Ruddick/Wood Tavern – Newberg, Oregon

One of the harder things about leaving the city is that suddenly there aren’t a lot of local places to pop into for a drink or a snack. At least that seems that case in the Portland area. Though given how little I drink leaving the bar scene wasn’t a sacrifice by any means.

Though from time to time a girl needs a local place to sit down with her girlfriend for a good old fashioned gab fest and have a glass of champagne and a plate of fries. Enter the Ruddick/Wood Tavern in Newberg Oregon.

It has all the relaxed PNW charm without any of the traffic or parking challenges of it’s city counterparty. The interior was left mostly salvaged and the walls are adorned with topographical maps of the local hills.

It’s not a large place but it does offer a fair amount of seating options, and while it has always been pretty busy when we go in we have always found a seat. We try to make it on Wednesdays for their “Whiskey Wednesday” specials. The selection is extensive and I have not yet had to order the same drink twice, except for their sparkling rose. But that was on purpose because it is so delicious it is hard not to repeat the glass, bottle <insert serving of choice> over and over again.

Every time we go in we make a pact to order something different off the food menu, I think it has really only worked about half the time. They have an excellent rotating cheese plate that we keep ordering and have never been disappointed. I think we may order it because the menu says “cheese and accoutrements” which halfway through a bottle of champagne becomes too much for us to handle and we probably wind up ordering it because we find it so funny.

The other must order is the fries plate, which comes in a variety of options. We have ordered them all and I don’t think I can say which is my favorite. They are all good and worth a try.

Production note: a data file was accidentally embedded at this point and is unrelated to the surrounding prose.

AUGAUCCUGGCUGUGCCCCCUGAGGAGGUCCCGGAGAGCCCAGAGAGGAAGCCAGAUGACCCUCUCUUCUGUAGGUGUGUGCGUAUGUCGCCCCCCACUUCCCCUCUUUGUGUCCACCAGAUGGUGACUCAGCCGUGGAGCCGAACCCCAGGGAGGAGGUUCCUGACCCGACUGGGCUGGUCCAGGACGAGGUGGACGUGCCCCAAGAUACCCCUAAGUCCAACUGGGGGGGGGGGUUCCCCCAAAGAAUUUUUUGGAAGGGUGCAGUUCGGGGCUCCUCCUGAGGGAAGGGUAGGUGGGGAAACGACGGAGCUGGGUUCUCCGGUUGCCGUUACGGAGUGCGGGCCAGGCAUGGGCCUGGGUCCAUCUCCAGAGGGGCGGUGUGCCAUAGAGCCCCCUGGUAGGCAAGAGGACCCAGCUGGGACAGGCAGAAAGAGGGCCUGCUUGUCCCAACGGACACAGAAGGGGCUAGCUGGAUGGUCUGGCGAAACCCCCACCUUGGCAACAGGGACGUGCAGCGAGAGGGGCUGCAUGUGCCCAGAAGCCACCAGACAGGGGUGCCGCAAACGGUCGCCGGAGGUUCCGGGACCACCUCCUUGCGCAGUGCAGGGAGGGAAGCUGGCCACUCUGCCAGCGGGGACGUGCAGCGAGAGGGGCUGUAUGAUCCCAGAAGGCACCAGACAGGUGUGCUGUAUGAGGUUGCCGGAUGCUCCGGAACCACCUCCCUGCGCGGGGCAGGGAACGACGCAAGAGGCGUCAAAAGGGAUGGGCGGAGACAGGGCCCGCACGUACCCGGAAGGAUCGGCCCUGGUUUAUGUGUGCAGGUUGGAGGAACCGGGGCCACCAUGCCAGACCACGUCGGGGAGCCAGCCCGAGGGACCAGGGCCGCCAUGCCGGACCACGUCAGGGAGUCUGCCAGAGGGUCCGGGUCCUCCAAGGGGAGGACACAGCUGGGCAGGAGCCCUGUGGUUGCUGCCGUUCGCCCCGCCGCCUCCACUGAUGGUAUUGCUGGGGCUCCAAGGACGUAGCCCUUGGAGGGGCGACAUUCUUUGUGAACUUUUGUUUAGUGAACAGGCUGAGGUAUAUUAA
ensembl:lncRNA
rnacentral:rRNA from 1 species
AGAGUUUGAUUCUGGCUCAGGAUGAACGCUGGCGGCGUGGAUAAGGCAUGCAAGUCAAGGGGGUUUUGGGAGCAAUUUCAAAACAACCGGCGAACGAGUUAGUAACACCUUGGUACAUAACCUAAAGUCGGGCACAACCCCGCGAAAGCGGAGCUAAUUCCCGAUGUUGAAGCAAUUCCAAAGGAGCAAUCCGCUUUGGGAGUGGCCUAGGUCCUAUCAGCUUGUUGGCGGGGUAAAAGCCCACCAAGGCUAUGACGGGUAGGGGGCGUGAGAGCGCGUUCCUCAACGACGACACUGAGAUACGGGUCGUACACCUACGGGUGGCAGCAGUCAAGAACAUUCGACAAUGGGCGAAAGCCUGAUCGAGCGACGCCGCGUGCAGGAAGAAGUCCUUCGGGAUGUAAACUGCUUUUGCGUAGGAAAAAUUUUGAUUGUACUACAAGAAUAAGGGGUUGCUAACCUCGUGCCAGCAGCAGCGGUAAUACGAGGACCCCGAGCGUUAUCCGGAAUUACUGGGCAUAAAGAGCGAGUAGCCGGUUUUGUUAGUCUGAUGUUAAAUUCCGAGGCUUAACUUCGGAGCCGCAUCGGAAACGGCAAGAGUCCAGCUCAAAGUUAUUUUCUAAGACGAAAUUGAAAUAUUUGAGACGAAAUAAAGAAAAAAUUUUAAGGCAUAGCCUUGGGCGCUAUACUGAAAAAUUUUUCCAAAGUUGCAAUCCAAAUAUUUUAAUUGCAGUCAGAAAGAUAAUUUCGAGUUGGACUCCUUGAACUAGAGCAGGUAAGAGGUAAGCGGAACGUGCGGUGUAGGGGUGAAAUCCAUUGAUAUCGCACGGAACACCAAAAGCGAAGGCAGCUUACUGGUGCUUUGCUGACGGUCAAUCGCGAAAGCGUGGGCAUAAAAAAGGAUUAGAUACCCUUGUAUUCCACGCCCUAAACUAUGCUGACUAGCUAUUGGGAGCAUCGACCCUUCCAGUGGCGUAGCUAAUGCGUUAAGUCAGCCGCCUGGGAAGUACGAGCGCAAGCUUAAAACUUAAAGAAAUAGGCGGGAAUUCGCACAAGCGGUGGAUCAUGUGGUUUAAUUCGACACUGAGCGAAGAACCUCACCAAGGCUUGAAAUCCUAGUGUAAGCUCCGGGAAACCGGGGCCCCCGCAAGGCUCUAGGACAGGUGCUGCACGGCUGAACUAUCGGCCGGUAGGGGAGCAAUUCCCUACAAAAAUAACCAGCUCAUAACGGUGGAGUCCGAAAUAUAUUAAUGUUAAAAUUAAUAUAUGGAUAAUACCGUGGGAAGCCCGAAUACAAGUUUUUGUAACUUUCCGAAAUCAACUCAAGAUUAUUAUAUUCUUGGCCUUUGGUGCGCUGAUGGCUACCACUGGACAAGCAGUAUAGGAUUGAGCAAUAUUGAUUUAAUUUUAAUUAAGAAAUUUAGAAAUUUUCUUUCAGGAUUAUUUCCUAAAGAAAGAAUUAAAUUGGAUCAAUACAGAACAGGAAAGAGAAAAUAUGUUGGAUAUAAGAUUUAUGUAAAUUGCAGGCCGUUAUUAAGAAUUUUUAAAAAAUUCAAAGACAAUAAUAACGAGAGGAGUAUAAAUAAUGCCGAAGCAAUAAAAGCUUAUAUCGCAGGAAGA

You can find the Ruddick/Wood Tavern at 720 E. First St, Newberg, OR 97132. It is around the corner from the main restaurant Ruddick/Wood which serves lunch and dinner from 11:30am to 9pm.

 

São Jorge Castle – Lisbon Portugal

The São Jorge Castle is a Moorish Castle that dates back to the 2nd century BC, though ongoing archeological digs has reveled that human occupation of the site started long before the existing castle was built. The castle and the surrounding neighborhood of Alfama was relatively unscathed by the 1755 earthquake that flattened the city and killed over 100 thousand residents. The earthquake did however damage the castle to a certain degree leaving only the walls of the old structure.

It is one of the more popular sties in Lisbon. Due to it’s closeness to the docking point for tour ships as well as it being one of the only sites open on Monday’s it was quite crowded when we toured. We were lucky enough to get to the ticket office, which is just outside the main gate, right at opening and got in before a line formed. But we did end up leaving a little early because the crowds were unmanageable (see picture above for the end of line to get in). I would suggest going early and not on a Monday when other sites are open which may alleviate the crowdedness.